A while back, in the fast moving and extremely competitive legal industry, having an undergraduate degree was considered basic. Law graduates were moving quickly to add value to their existing degree through an LL.M., which is a master’s degree in law. This meant an extra year in the law school to acquire the qualification. This was done at the expense of acquiring experience through a training contract or pupilage. Initially this was highly valued in Britain, but things are changing. Most law firms would value experience gained over one year as opposed to one year ‘lost’ in studies.
Edward Walker, Graduate Recruitment Manager at Pinsent Masons, was quoted saying that his firm would be neutral about masters, which they consider is not better than experience gained working in the industry. Other important factors that firms consider quite highly are: experience in a different legal system and language skills. Most universities have subsequently introduced several value-added courses blended to their LL.M. programs. For example, an LL.M. combined with a foreign language or an LL.M. that allows students to gain knowledge of different legal systems.
However, the bigger question for students is whether a master’s degree improves one’s chances to get employed. From the above, it would appear that it has no major advantage. A recent trend is to enroll for certificate courses or online courses and to forego the master’s degree completely while gaining experience. This effectively kills two birds with one stone. A student is able to gain experience in the industry while still acquiring knowledge that would assist him/her while in actual practice. For example, a student can enroll for a Spanish language class while still under a training contact or pupilage. The advantage here is that the student will gain experience which employers nowadays value more than the academic merits.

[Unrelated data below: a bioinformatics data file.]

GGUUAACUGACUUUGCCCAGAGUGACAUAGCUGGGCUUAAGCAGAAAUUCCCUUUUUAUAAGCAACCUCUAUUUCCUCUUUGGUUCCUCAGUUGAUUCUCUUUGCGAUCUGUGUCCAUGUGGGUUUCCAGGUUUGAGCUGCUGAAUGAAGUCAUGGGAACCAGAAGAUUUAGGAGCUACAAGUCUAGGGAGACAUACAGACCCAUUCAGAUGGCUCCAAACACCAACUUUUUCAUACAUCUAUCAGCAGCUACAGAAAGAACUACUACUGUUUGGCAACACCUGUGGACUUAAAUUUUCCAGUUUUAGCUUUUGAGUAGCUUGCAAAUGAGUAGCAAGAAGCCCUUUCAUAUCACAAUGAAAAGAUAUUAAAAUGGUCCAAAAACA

Another advantage of foregoing the master’s degree is cost-saving. Master’s degrees are exorbitantly priced if not expensive. Most master’s degree will range from £10,000-£20,000 in direct costs. The direct costs are the costs incurred directly in the study for example, tuition fees and books. Indirect costs are the costs for upkeep for example, basic living expenses and transportation costs. Factoring in indirect costs, the total amount of money spent while studying becomes much higher. The cost of studying a certificate or a valued-added online course is insignificant as compared to a master’s degree.
Depending on career objectives, a certificate or a value-added online course would be better than a master’s degree. If one is not interested in pursuing a career in the academia, then there is no need to pursue an LL.M. It would be better to do a short-term language course then step into the industry, learn the ropes and find what one is best suited for.
To conclude, the value of an LL.M. degree has diminished though its importance cannot be absolutely extinguished. Certificate courses and value-added online courses have come up and they provide students better options than the traditional route of pursuing a master’s degree. However, due care must be taken in order to determine the best option for ultimate career satisfaction.